Prof. Xiangnan Kong (advisor, WPI- Computer Science ),
Prof. Elke Rundensteiner (WPI- Computer Science ),
Prof. Yanhua Li (WPI – Computer Science),
Prof. Ryan Rossi (Adobe Research)
The goal of this thesis is to help bridge the gap by studying deep learning solutions that can handle graph data naturally. In particular, we explore deep learning-based approaches in the following areas.
1. Graph Attention. In the real-world, graphs can be both large – with many complex patterns – and noisy which can pose a problem for effective graph mining. An effective way to deal with this issue is to use an attention-based deep learning model. An attention mechanism allows the model to focus on task-relevant parts of the graph which helps the model make better decisions. We introduce a model for graph classification which uses an attention-guided walk to bias exploration towards more task-relevant parts of the graph. For the task of node classification, we study a different model – one with an attention mechanism which allows each node to select the most task-relevant neighborhood to integrate information from.
2. Graph Representation Learning. Graph representation learning seeks to learn a mapping that embeds nodes, and even entire graphs, as points in a low-dimensional continuous space. The function is optimized such that the geometric distance between objects in the embedding space reflect some sort of similarity based on the structure of the original graph(s). We study the problem of learning time-respecting embeddings for nodes in a dynamic network.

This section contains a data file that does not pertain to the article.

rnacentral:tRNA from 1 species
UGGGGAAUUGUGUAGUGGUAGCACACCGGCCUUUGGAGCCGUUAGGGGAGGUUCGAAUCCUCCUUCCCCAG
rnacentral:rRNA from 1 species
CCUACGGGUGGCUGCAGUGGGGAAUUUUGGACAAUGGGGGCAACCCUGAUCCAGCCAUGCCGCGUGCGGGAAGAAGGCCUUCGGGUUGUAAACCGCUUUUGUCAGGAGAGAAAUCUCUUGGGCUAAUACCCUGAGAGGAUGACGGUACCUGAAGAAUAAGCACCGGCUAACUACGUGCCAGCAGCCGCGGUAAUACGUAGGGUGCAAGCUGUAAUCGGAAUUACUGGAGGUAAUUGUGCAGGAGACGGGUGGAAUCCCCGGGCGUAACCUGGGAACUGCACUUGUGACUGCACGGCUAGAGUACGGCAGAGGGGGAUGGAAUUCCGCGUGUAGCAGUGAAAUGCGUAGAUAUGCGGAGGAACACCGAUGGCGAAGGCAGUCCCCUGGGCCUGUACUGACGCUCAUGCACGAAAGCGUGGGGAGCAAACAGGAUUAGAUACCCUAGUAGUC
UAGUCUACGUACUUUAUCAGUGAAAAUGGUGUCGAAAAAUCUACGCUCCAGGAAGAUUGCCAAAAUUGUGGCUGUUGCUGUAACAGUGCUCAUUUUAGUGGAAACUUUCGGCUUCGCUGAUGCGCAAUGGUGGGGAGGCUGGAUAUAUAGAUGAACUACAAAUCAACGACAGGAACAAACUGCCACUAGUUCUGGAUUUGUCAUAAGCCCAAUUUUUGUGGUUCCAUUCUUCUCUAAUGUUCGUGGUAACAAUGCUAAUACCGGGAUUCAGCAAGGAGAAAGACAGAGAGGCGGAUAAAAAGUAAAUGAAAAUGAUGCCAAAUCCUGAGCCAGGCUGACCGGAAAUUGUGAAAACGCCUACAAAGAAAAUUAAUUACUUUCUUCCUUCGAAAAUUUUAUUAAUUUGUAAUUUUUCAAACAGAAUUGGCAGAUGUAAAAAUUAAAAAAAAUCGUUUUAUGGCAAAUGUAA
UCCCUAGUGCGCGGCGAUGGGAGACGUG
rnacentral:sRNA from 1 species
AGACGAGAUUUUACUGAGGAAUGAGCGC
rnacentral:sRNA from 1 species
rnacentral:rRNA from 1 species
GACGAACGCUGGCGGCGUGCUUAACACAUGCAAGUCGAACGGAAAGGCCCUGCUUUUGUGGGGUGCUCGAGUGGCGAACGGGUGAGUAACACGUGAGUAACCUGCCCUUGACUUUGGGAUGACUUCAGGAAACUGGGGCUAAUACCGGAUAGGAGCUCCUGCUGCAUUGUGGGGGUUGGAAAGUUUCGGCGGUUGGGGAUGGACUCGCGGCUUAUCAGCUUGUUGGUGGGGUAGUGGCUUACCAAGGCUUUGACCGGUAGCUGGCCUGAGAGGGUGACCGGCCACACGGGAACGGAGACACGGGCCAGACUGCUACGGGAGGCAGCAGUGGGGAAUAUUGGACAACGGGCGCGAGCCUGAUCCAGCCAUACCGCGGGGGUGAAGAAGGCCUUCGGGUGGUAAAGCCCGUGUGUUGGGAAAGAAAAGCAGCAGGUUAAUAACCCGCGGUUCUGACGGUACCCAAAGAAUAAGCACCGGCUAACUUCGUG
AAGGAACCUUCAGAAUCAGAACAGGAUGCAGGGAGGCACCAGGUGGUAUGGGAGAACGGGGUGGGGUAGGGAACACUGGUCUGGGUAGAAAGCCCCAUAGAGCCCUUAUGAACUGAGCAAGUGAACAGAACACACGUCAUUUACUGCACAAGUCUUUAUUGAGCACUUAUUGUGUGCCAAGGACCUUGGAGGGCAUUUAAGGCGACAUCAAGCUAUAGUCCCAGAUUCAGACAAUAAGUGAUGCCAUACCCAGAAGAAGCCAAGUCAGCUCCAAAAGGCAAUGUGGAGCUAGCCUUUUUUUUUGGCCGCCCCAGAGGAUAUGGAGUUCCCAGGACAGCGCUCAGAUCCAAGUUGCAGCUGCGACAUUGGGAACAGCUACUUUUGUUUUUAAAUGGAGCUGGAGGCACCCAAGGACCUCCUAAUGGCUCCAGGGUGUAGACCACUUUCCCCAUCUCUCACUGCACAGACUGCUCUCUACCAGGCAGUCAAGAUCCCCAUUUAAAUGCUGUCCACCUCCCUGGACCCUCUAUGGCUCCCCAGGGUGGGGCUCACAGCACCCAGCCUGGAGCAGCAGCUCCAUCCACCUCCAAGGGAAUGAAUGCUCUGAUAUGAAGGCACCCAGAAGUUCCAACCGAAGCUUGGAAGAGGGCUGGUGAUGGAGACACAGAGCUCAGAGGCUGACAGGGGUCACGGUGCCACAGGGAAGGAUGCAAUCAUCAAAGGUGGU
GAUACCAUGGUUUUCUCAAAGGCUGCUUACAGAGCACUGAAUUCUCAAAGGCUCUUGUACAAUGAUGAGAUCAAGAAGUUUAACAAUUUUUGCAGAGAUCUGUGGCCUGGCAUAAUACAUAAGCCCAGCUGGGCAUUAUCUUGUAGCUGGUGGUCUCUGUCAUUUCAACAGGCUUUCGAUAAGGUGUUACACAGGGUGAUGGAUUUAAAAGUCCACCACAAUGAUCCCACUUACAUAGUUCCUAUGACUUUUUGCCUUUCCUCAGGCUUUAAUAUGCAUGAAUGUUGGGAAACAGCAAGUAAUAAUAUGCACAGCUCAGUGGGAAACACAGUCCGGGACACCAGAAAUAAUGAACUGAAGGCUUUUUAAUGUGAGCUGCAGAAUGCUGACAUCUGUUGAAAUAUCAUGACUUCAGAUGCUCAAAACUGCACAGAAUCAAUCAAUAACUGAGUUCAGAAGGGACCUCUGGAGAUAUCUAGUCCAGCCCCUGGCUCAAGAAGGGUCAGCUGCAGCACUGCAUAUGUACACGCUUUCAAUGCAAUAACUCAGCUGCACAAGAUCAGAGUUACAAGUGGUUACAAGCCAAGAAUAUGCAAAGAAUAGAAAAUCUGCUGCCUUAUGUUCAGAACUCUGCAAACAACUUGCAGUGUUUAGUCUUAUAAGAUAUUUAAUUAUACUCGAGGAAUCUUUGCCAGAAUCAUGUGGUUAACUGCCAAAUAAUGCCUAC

3. Brain Network Discovery. One of the fundamental tasks in functional brain analysis is the task of brain network discovery. The brain is a complex structure which is made up of various brain regions, many of which interact with each other. The objective of brain network discovery is two-fold. First, we wish to partition voxels – from a functional Magnetic Resonance Imaging scan – into functionally and spatially cohesive regions (i.e., nodes). Second, we want to identify the relationships (i.e., edges) between the discovered regions. We introduce a deep learning model which learns to construct a group-cohesive partition of voxels from the scans of multiple individuals in the same group. We then introduce a second model which can recover a hierarchical set of brain regions, allowing us to examine the functional organization of the brain at different levels of granularity. Finally, we propose a model for the problem of unified and group-contrasting edge discovery which aims to discover discriminative brain networks that can help us to better distinguish between samples from different classes.